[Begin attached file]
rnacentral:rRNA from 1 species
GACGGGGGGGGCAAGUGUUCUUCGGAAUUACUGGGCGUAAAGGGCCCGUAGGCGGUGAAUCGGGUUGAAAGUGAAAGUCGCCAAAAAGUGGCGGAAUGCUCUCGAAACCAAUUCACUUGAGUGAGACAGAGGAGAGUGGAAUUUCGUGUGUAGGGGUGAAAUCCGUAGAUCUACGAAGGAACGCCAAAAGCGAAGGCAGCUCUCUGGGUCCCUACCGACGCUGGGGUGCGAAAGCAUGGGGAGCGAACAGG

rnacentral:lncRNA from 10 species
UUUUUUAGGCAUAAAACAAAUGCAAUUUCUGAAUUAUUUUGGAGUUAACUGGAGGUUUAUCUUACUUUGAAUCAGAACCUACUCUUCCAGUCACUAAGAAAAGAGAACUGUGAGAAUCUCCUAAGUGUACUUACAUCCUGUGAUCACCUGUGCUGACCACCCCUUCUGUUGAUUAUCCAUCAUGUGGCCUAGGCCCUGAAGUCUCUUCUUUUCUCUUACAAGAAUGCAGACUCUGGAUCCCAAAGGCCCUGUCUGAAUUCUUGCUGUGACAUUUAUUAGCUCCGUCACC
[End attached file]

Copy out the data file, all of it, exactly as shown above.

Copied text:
rnacentral:rRNA from 1 species
GACGGGGGGGGCAAGUGUUCUUCGGAAUUACUGGGCGUAAAGGGCCCGUAGGCGGUGAAUCGGGUUGAAAGUGAAAGUCGCCAAAAAGUGGCGGAAUGCUCUCGAAACCAAUUCACUUGAGUGAGACAGAGGAGAGUGGAAUUUCGUGUGUAGGGGUGAAAUCCGUAGAUCUACGAAGGAACGCCAAAAGCGAAGGCAGCUCUCUGGGUCCCUACCGACGCUGGGGUGCGAAAGCAUGGGGAGCGAACAGG

rnacentral:lncRNA from 10 species
UUUUUUAGGCAUAAAACAAAUGCAAUUUCUGAAUUAUUUUGGAGUUAACUGGAGGUUUAUCUUACUUUGAAUCAGAACCUACUCUUCCAGUCACUAAGAAAAGAGAACUGUGAGAAUCUCCUAAGUGUACUUACAUCCUGUGAUCACCUGUGCUGACCACCCCUUCUGUUGAUUAUCCAUCAUGUGGCCUAGGCCCUGAAGUCUCUUCUUUUCUCUUACAAGAAUGCAGACUCUGGAUCCCAAAGGCCCUGUCUGAAUUCUUGCUGUGACAUUUAUUAGCUCCGUCACC